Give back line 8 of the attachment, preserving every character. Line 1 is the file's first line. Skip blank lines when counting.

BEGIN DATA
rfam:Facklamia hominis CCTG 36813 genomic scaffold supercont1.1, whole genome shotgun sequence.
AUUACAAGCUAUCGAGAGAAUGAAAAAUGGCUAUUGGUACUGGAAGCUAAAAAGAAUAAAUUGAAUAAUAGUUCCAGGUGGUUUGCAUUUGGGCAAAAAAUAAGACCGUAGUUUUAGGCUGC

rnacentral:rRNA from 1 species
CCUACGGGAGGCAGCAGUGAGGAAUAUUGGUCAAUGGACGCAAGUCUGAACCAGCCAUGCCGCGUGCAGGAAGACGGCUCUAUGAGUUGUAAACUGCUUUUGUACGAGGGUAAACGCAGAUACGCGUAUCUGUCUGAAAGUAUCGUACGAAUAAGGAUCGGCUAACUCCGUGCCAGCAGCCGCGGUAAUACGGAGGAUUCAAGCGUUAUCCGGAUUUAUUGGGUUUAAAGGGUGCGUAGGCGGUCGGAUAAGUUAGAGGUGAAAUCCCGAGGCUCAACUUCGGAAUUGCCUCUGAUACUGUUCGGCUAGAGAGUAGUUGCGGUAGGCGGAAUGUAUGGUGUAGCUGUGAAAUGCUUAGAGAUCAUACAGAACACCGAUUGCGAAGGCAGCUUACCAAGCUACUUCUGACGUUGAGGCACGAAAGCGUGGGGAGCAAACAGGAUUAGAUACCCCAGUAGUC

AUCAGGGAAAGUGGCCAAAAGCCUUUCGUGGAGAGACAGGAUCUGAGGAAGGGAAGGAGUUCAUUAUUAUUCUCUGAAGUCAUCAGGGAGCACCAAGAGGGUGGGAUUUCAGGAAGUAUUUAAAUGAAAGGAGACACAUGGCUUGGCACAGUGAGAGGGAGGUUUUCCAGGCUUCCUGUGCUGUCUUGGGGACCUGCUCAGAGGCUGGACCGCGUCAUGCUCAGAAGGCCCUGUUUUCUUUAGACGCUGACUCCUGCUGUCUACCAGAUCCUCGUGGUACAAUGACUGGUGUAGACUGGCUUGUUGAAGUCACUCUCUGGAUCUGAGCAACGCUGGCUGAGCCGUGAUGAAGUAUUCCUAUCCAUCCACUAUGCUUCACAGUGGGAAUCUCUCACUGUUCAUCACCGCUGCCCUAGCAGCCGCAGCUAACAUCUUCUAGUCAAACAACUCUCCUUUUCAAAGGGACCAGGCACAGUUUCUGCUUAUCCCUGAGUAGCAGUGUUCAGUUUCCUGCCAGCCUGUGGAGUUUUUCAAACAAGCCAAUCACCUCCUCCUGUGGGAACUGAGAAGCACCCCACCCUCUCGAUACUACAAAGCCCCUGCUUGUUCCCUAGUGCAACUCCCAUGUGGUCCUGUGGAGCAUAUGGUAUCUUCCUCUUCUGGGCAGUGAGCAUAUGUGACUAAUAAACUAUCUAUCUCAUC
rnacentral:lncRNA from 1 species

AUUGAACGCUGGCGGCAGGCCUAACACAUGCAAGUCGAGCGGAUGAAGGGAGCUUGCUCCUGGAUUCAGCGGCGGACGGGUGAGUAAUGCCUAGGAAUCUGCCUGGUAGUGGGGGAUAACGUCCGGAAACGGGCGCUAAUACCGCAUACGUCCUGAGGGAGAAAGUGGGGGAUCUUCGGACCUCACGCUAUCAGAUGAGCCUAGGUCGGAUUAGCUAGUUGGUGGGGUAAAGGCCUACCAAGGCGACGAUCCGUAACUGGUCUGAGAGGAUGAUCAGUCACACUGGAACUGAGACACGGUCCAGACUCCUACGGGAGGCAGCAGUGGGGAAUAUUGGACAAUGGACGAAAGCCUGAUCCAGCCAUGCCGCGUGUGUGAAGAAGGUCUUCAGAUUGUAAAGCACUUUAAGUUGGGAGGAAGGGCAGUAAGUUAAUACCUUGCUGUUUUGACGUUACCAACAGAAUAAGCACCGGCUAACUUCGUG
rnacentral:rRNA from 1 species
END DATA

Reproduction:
rnacentral:rRNA from 1 species